Bank of Canada Keeps Interest Rate Steady At 0.5%

By Arthur Greene December 7, 2016
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The Bank of Canada is holding its benchmark interest rate at 0.5 per cent as it sees the stronger world economy continuing to face “undiminished” uncertainty.

The decision was in line with expectations with all major banks expecting rates to be left unchanged at this meeting.

In Canada, the dynamics of growth are largely as the Bank anticipated with a strong rebound in the third quarter following a very weak half, but more moderate growth is anticipated for the fourth quarter. Global economic conditions have strengthened, but uncertainty has increased and yields have moved higher.

Last week, Bank of Canada governor Stephen Poloz addressed how the bank views the uncertainty following the U.S. election. He said it was too soon for the central bank to factor the potential impacts of president-elect Donald Trump’s election win into its decision making.

The bank said inflation, which it carefully analyzes when making rate decisions, was slightly below what it had anticipated, in large part because of lower food prices.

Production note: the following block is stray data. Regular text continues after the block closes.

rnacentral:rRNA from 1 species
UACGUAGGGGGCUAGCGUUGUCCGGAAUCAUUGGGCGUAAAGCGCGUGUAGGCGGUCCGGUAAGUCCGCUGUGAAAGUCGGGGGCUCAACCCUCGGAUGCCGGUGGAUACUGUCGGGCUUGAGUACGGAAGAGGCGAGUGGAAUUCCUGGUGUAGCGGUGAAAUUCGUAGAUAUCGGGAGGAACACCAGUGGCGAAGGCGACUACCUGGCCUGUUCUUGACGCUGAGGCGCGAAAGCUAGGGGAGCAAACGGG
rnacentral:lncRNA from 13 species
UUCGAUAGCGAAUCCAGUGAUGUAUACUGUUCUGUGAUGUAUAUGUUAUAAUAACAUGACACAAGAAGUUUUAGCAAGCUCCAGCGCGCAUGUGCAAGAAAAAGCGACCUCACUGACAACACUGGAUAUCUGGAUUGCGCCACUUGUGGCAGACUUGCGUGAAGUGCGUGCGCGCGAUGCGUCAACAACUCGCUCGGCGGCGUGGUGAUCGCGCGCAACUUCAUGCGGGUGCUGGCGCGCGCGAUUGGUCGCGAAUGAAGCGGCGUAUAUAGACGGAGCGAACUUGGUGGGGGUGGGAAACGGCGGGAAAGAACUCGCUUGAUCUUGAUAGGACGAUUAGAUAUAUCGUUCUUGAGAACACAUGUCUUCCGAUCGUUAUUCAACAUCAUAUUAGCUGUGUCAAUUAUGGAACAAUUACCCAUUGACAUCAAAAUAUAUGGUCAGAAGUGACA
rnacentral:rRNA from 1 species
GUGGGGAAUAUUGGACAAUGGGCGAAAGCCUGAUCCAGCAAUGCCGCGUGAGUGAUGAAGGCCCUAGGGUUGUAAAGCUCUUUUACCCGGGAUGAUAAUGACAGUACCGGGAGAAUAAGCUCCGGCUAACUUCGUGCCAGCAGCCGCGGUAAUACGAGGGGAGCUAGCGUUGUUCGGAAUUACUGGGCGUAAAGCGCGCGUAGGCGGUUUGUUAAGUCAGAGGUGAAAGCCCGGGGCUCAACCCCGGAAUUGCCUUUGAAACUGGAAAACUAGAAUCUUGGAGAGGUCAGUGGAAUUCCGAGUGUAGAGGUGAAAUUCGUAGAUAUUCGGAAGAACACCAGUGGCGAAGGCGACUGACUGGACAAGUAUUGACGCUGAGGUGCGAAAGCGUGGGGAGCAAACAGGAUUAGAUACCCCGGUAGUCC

While the statement accompanying the bank's decision didn't mention him by name, Donald Trump's election appears to be a big factor in the bank's decision-making.

"Following the election in the United States, there has been a rapid backup in global bond yields, partly reflecting market anticipation of fiscal expansion in a U.S. economy that is near full capacity," the bank said. "Canadian yields have risen significantly in this context."

That's the bank's way of saying that bond yields have crept higher since Trump was elected, so the bank sees some merit in staying on the sidelines until some of that uncertainty settles down.

The bank said on Wednesday that “the effects of federal infrastructure spending are not yet evident in the GDP data.”

“Meanwhile, business investment and non-energy goods exports continue to disappoint,” said the bank. “There have been ongoing gains in employment, but a significant amount of economic slack remains in Canada, in contrast to the United States. While household imbalances continue to rise, these will be mitigated over time by announced changes to housing finance rules.”

“Even with a much more upbeat financial market environment overall, I think the bank still has significant concerns about the weakness in exports and business investment, in particular,” said Porter, who added that fresh trade data this week showed that, yet again in 2016, the monthly export volumes continued to fall.

“Even excluding the resource sector and the energy sector, we’re seeing exporters struggling a bit — and that’s even with a Canadian dollar that most would gauge to be fairly competitive.”

The bank’s statement also highlighted recent steps taken by the federal government to try and boost economic growth.

The Canadian dollar edged stronger after the decision with USD/CAD at 1.3265 from 1.3285, although overall movement was limited with a weaker US currency the prime influence.
By Arthur Greene December 7, 2016

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